This week, Quicken Loans Chief Economist Bob Walters discusses the differences between adjustable rate mortgages and fixed rate mortgages. With current mortgage rates at historic lows, it’s more important than ever to really understand your options before you buy a home or refinance. Take it away, Bob!
Can’t see the embedded video? Click here to learn more about Adjustable Rate Mortgages vs. Fixed Rate Mortgages.
Deciding whether to take a fixed rate mortgage or an adjustable rate mortgage is a very important part of the mortgage process. A good mortgage banker will take you through the pros and the cons of each.
A fixed rate mortgage is exactly like it sounds. It’s a mortgage where the interest rate is fixed for a certain period of time. Maybe it’s 10 years, maybe it’s 15 years, maybe it’s 30 years – but for the entire length of that mortgage that interest rate won’t change. That appeals to a lot of people. It gives them certainty.
An adjustable rate mortgage has two components. The first component is the fixed component. The interest rate is fixed for a certain period of time. That can be as short as six months or as long as ten years. But then, they all begin to adjust after that fixed period. They adjust up and down with the market.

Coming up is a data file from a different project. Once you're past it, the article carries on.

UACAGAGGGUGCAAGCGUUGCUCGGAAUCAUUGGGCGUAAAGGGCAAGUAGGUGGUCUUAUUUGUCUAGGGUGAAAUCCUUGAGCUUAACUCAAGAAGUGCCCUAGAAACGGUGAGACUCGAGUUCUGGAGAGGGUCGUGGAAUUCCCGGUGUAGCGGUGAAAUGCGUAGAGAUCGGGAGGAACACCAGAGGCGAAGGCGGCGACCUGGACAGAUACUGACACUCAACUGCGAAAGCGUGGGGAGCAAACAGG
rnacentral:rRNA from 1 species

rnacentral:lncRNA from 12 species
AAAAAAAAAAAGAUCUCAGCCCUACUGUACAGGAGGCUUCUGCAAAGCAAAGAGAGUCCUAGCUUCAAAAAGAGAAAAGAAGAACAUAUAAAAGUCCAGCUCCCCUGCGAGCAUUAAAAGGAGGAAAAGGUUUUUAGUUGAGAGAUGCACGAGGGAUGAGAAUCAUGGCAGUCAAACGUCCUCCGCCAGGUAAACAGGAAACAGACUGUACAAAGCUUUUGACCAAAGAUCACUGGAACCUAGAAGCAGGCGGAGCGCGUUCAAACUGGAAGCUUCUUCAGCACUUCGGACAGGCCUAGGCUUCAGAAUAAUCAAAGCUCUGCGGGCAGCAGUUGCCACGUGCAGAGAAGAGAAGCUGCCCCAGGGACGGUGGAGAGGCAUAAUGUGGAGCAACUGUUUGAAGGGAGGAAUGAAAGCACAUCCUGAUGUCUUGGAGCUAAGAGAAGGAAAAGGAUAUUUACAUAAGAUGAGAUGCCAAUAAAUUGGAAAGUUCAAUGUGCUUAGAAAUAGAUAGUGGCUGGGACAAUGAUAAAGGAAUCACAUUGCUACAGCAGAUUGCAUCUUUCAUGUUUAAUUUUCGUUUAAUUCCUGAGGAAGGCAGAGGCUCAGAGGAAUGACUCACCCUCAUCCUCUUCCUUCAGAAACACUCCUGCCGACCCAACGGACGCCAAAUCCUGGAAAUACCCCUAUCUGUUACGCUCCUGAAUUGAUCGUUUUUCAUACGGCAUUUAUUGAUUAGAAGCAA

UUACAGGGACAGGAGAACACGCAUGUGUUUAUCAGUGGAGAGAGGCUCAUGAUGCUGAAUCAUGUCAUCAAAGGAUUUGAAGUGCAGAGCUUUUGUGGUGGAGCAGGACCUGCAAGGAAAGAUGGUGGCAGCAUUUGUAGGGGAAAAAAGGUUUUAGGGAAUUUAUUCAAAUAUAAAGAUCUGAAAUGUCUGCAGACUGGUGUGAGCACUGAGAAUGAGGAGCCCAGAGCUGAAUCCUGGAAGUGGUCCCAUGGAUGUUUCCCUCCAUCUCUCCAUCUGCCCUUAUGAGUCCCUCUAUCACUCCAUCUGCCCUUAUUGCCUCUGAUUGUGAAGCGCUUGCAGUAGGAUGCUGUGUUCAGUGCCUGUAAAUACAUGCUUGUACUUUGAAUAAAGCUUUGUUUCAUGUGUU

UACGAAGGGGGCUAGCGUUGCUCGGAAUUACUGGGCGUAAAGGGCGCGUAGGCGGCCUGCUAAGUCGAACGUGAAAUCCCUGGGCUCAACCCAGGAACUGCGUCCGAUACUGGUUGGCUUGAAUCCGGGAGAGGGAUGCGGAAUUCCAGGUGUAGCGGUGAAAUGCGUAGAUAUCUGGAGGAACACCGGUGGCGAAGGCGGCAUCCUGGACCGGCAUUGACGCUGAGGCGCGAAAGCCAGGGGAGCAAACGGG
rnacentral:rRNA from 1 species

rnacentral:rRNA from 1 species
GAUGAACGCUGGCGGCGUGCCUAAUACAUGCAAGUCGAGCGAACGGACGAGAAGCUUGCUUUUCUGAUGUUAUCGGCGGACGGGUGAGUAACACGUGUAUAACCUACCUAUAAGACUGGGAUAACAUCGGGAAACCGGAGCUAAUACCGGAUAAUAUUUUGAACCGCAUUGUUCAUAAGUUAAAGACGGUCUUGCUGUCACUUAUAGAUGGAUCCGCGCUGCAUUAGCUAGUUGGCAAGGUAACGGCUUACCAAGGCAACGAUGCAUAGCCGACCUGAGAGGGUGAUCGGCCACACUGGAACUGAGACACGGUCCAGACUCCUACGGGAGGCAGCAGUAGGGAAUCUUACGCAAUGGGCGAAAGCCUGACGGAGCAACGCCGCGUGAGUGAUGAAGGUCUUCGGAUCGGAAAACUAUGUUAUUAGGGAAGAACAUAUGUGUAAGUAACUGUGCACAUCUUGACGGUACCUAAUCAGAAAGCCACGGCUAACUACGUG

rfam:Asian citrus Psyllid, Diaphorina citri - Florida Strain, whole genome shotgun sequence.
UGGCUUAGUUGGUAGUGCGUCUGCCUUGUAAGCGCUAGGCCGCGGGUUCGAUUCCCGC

Why would someone take an adjustable rate mortgage when they could have the certainty of a fixed? The answer is pretty simple: most adjustable come with a lower interest rate than the fixed interest rate, so there’s a benefit. There’s interest rate savings by taking that adjustable rate. For example, for folks who might be moving in 5 years, first time home buyers who often are moving up, or will transition or get married or have children – those folks might strongly consider an adjustable rate mortgage as well and take those savings.
We in the industry know a couple of things. We know the average American moves every 9 years. We also know that the average 30-year fixed is only on the books about 5 or 7 years before people move or refinance. So paying for 30-year money, which is more expensive, often times doesn’t make sense - especially when a person is in a situation where it is highly likely that they will be in a new mortgage sometime in the future. For those people who are very conservative and almost certain that they are going to be in the home for a long period of time, maybe a fixed mortgage makes a lot of sense. But working with a good mortgage banker to understand the pros and cons & to match your situation with the right mortgage product is very, very important.